The CWGC Visitor Centre is a unique new visitor attraction in Beaurains, near Arras in France that shines a light on the work of the remarkable organisation at the heart of remembrance of the war dead. For the first time, visitors will be able to take a look behind-the-scenes at the work that is needed to commemorate the Commonwealth casualties from the First and Second World Wars.
Our free audio guide will walk you through each aspect of the work we do: from the story of how we still recover and rebury the dead today, to the skilled artisan craftsmen at work maintaining the world's most impressive and recognisable war monuments and memorials, a trip to the battlefields of the Western Front is not complete without a visit to the CWGC Visitor Centre.
The CWGC Visitor Centre was awarded the Best Tourism Project in Europe at the 2019 British Guild of Travel Writers’ International Tourism Awards. The BGTW is a community of accredited writers, photographers and broadcasters and the trusted body for independent editorial comment and expert content on worldwide travel.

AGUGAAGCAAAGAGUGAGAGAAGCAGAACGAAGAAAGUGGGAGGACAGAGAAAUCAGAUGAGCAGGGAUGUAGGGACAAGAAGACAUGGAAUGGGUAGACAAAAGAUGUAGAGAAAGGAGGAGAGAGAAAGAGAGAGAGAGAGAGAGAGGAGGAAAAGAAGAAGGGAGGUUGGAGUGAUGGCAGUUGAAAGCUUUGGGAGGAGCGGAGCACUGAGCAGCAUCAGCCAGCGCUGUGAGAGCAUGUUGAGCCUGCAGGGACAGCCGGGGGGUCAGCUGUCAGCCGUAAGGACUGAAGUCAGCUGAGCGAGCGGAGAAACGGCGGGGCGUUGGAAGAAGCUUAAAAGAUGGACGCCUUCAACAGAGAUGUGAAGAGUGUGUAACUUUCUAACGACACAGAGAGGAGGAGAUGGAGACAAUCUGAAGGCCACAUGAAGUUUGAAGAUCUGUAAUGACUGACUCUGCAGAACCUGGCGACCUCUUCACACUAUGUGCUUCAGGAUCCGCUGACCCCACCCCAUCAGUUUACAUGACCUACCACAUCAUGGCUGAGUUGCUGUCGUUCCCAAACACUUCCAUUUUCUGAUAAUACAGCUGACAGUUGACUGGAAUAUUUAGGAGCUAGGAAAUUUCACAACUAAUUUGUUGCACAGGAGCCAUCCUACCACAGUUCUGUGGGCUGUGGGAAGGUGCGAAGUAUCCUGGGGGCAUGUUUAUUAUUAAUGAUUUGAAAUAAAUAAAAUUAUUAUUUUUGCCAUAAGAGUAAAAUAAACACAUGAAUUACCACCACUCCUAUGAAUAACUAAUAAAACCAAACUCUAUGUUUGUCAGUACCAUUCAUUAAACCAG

Explore nearby - Arras France map
Located in the heart of the battlefields of the First World War, The CWGC Visitor Centre is an easy drive away from some of the most recognisable French war graves and locations on the Western Front.
Download our map and visit some of the key cemeteries and war memorials in France.
Opening times and facilities
We're open from Monday to Friday, 9 am to 4 pm.
The CWGC Visitor Centre is closed at weekends and on French public holidays. From the beginning of December to the end of February, the Centre will only be open for groups on bookings.
Please note that the centre will also be closed for public holidays from 7th-10th April, from 12th-15th August and 13th November.
Toilets, a gift shop and vending machines are available at the centre.
The CWGC Visitor Centre is open to all and we strive to ensure that all of our visitors can enjoy as much of our centre as possible.
If you have any questions or want to know how we can support your visit please contact us at email@example.com or call us on +33 (0)3 21 21 52 75.
Assistance dogs are welcome.
Entry to the CWGC Visitor Centre is free and free parking is provided for all vehicles with fewer than 12 seats.
We have limited parking for larger vehicles and 12-seaters and above must book in advance of their visit.
A parking fee applies to larger vehicles.
Are you planning to visit as part of a group? All coach bookings must be made in advance of your visit.
Find The CWGC Visitor Centre